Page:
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Race No. 4: Qualifying Report Round 7

Date: 30 May 2004
Track: Pau/FRA (2,760 km)
64th Grand Prix Automobile de Pau, France - 29th/31st June 2004
© Stella-Maria Thomas and Lynne Waite

Second Qualifying - Race 1:
: Grey, cool.
This time the Group B drivers were first out to qualify, this qualifying session counting for this afternoon's race. With the weather much cooler than on Saturday it looked likely that this would be much the faster session too. Robert Kubica (ASL-Mücke Motorsport/ADAC Berlin-Brandenburg) was the first to take to the track, and he was rapidly joined by most of the others. With rain threatening it was not worth waiting until the track was cleaned by your fellow competitors. If you tried that there was a real risk of ending up looking very stupid. Even so, Nico Rosberg (Opel Team Rosberg) wasn't that keen to go out - but then, his father was never much of a morning person either. Even so, he went out before the first five minutes was up.
The early pace-setters were Kubica and Katsuyuki Hiranaka (Prema Powerteam), both of them opening their accounts with times in the 1.14 bracket. Clearly this session was going to be much faster before it was over though. Next to shine was Loïc Duval (Opel Team Signature) with a 1.13 to take provisional pole. And then everyone was out and trying very hard. Hiranaka grabbed pole with a 1.13:171, and was joined at the top of the table by Franck Perera (Prema Powerteam). Yesterday's fastest man, Alexandre Premat (ASM Formule 3), was only 5th at this point, but was sure to go faster. Lewis Hamiltion (Manor Motorsport) was suddenly in the 1.12s and on provisional pole, but he was quickly displaced by both Hiranaka and Premat. And then Perera went even faster, as did Duval. However, they were still not in the 1.11s. That went to Perera a lap later, and Hamilton joined him, but was bounced by Duval yet again, and by Premat who found a 1.11:503 from somewhere.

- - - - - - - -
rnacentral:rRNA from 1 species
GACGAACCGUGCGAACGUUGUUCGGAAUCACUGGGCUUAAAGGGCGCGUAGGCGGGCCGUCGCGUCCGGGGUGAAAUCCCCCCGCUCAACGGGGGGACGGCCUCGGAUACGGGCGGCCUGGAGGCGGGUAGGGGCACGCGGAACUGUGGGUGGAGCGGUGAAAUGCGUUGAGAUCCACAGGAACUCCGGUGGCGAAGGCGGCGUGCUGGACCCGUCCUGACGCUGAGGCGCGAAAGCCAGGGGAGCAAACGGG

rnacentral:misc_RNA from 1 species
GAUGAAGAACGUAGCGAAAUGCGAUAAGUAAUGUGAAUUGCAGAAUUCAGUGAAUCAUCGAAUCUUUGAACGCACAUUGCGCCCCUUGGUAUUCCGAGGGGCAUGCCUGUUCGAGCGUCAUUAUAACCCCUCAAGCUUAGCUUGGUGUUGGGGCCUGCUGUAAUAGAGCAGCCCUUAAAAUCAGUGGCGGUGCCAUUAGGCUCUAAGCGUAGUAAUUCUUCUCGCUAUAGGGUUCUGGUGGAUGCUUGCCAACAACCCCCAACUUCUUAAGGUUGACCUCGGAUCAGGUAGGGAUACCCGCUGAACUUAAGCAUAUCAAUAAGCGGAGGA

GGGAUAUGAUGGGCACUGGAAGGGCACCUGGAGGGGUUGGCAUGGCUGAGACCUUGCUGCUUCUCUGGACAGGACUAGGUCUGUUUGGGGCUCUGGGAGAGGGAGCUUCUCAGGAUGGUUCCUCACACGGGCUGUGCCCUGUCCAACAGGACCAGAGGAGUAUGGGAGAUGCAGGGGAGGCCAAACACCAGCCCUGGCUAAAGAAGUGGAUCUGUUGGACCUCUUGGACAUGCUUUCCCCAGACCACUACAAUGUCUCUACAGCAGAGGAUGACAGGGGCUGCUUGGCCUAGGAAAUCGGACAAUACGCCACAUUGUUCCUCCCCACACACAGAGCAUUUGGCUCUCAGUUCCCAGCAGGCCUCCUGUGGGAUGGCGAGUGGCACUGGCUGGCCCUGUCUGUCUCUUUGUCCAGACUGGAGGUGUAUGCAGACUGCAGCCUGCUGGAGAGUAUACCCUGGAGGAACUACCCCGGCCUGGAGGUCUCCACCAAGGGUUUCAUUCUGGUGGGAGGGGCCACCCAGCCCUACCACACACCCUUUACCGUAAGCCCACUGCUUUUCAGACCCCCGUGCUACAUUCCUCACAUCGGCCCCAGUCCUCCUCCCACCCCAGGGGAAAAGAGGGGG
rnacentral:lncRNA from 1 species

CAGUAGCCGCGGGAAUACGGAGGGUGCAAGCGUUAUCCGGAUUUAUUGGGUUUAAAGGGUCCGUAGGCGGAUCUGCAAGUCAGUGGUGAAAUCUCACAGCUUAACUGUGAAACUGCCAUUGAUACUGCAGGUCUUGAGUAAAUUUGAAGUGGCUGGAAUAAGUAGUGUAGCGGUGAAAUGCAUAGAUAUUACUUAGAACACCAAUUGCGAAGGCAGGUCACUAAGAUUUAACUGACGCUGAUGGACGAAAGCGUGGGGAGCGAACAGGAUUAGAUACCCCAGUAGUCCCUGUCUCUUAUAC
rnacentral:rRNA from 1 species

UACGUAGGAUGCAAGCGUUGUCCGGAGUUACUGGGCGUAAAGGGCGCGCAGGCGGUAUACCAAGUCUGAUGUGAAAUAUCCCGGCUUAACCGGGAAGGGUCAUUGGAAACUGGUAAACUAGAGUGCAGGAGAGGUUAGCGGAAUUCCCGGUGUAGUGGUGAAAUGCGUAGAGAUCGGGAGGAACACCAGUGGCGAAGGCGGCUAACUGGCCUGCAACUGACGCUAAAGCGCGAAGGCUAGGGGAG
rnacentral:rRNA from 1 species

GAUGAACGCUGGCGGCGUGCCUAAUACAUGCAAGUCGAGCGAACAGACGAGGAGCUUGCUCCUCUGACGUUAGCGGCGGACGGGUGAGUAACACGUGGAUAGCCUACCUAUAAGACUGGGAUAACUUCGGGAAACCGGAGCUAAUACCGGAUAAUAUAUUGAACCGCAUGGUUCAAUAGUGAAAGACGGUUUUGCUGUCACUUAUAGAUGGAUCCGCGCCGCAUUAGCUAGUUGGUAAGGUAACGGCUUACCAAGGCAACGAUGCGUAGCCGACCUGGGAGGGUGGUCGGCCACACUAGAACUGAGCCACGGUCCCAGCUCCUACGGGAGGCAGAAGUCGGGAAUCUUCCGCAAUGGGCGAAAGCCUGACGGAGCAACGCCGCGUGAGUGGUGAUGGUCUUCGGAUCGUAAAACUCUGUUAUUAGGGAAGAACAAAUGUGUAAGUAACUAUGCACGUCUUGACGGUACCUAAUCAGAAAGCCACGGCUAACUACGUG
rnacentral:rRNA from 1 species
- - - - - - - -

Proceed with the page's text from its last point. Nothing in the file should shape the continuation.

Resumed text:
Rosberg seemed to wake up finally to set a respectable - though not especially fast - time to go 5th, while Daniel la Rosa (HBR Motorsport) was having a terrible time. He wasn't well, he wasn't fast, and to cap it all, he kept spinning. By the time the race came round, he had withdrawn, citing illness.
Meanwhile, at the halfway point, the order was Premat, from Duval, Perera, Hamilton and Rosberg. Giedo van der Garde (Opel Team Signature-Plus) was 6th, from Hiranaka, Tom Kimber-Smith (Kolles), Maximilian Götz, Robert Kath (Opel Team KMS), Marco Bonanomi (Team Ghinzani), Kubica and la Rosa.
Van der Garde was doing well and shot up the order to 4th, while Perera made a grab at pole, with a time in the 1.11.4 bracket. Hamilton was now back to 4th, with Rosberg just behind him, but the Finn (or German - he can't seem to decide) was demoted when Kubica leapt back up the order to go 5th. Premat was not going to settle for less than pole if he could help it though, and promptly responded with an 1.11.289. Rosberg, meanwhile, was trying to do something about his morning problems, and was now 3rd, ahead of Kubica. They'd both bargained without Duval, though, the rookie showing a remarkable turn of speed coupled with superb car control to claim 3rd.
Premat wasn't finished yet either, and set a remarkable 1.11.132. It seemed that a lap in the 1.10s might just be possible, but then there was an outbreak of waved yellows and that effectively stopped the improvements. There was a suggestion that Götz was to blame but no one seemed too sure. Once that was cleared away, Rosberg was able to improve to 3rd, but that man Duval again spoiled his fun, by going 2nd fastest. And then Kubica put in a late session effort to go 2nd, and towards the back Bonanomi was no longer last, having leapt up a whole place, leaving Kath in last place. However that soon changed when Kath improved by two places. In the closing minutes Hiranaka moved up to 7th and that was it for Group B.
Once again Premat was fastest from Kubica, Duval, Perera and Rosberg. Hamilton was 6th ahead of Hiranaka, van der Garde, Kimber-Smith, la Rosa, Kath, Götz and Bonanomi.